People don’t need to fly abroad for cancer treatment, says Audu Ogbeh
‘I have been around for about two weeks checking my prostate health and I am okay now’
Former Minister of Agriculture and erstwhile chairman of the People’s Democratic Party (PDP), Audu Innocent Ogbeh, has given reasons why Nigerians should no longer go abroad for cancer treatment.
Ogbeh told The Guardian during his routine prostate health medical check up at Nigeria Sovereign Investment Authority (NSIA)/Lagos University Teaching Hospital (LUTH) Cancer Centre: “I got to know about this centre from a friend of mine, Dr. Funso who was working with me when I was in the Ministry of Agriculture. As you know every other African man goes through the challenge of prostrate and will have to check that it does not get out of hand. So I came here to do mine and for me it is a big discovery. I am amazed that such a centre exists and it is absolutely amazing what they have done here. So
I have been around for about two weeks checking my prostate health and I am okay now.
“But in the process of my visit I have also met many Nigerians with challenges who cant afford the treatment cost. The centre is doing its best but running the centre is not cheap. They have consultants and highly trained persons. They have machines that must be connected to the power system permanently so they have to run their generators and so on. These machines are very sophisticated. One of the ones I have seen here, I am told it is only of its kind in Africa for now.
“Please let the country know that this centre exists, it is functioning delivering the same results which Nigerians go abroad to seek and we need to support the centre. By that I mean funds to help the very vulnerable in society who cannot afford to be treated. I met a gentleman yesterday who brought his son and the boy has a brain tumour. They started treatment and he got stuck. It is going to cost him N1 million and he has no money.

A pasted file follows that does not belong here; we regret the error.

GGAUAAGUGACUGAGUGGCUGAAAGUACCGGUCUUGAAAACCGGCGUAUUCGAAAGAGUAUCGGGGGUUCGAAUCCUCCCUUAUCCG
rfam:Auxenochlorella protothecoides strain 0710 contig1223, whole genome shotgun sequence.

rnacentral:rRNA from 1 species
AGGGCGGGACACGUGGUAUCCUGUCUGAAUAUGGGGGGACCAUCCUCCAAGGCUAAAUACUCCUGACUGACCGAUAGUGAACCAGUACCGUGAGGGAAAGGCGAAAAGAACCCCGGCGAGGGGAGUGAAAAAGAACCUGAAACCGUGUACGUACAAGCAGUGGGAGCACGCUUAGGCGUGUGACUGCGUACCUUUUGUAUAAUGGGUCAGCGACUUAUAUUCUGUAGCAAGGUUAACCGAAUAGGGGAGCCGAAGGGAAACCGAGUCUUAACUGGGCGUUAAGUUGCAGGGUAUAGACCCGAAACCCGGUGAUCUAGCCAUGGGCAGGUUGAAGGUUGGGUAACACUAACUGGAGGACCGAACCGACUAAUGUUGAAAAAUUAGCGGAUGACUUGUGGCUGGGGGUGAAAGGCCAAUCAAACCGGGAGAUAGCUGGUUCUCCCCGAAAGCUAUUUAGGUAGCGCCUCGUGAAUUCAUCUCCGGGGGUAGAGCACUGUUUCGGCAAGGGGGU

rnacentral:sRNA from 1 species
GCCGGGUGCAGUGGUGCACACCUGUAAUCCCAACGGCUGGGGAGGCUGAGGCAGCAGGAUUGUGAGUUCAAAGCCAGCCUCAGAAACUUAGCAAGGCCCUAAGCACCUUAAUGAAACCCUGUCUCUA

“We are trying to see if we can find little help here and there. If he had to go to India, it will probably cost him N10 million. For those other Nigerians who have had to go to the United Kingdom (UK) or United States (US) for prostrate cancer treatment. In a place like UK it costs about 36,000 pounds, what will not cost more than N3 million here. You see on television almost so often especially on AIT appeals for help, families that need N5 million to go to India. A large number of these cases can be handled here but they cannot be.
“First of all it is a disgrace to Nigeria that we keep advertising these things. Number two if centres like these exist and we need many more then as a people we need to raise funds to support government and spread these centres. This has been done with the help of NSIA and it is working. We should have them in the East, we should have them in the West with more in Lagos, in the North Central, everywhere so that this medical tourism can be reduced and these services they are rendering is cheap compared to what we have outside.
“I am going to start talking to people I know can help. There is a foundation here, which has been here for a while, but most of the members have died but Prof. Francis Durosinmi-Etti is still alive. We are trying to revive it. Ask Nigerians to send in some help, we put something in a fixed deposit and what is coming as interest from it can be used to help the very vulnerable. You see a man the child eye is bulging and there is a tumour and there is a young lady who has been treated and it is amazing and that is why I came here today to see her. Now she is preparing to go to the university. It is a major feat I see in Nigeria today that a centre like this exists and being run by dedicated highly trained people- oncologists, radiotherapists and so on- for much less.
“Secondly, let us give some more dignity to our country. Go to India, Pakistan, the same service is rendered here cheaper and more effectively. Instead going through all the prejudices we go through when we go abroad because we are black and we don’t have that much respect outside this continent.
“We need more centres, we need to support the existing ones and in future as we are build them, set them in locations where there can be modest hotels where people stay in at low rate even if they are reasonably subsidized by government so people can walk across get treatment and go.
“The centre is working and I can testify to that. People do not have to fly abroad. Frankly we have competent hands and good machinery to handle situations.”
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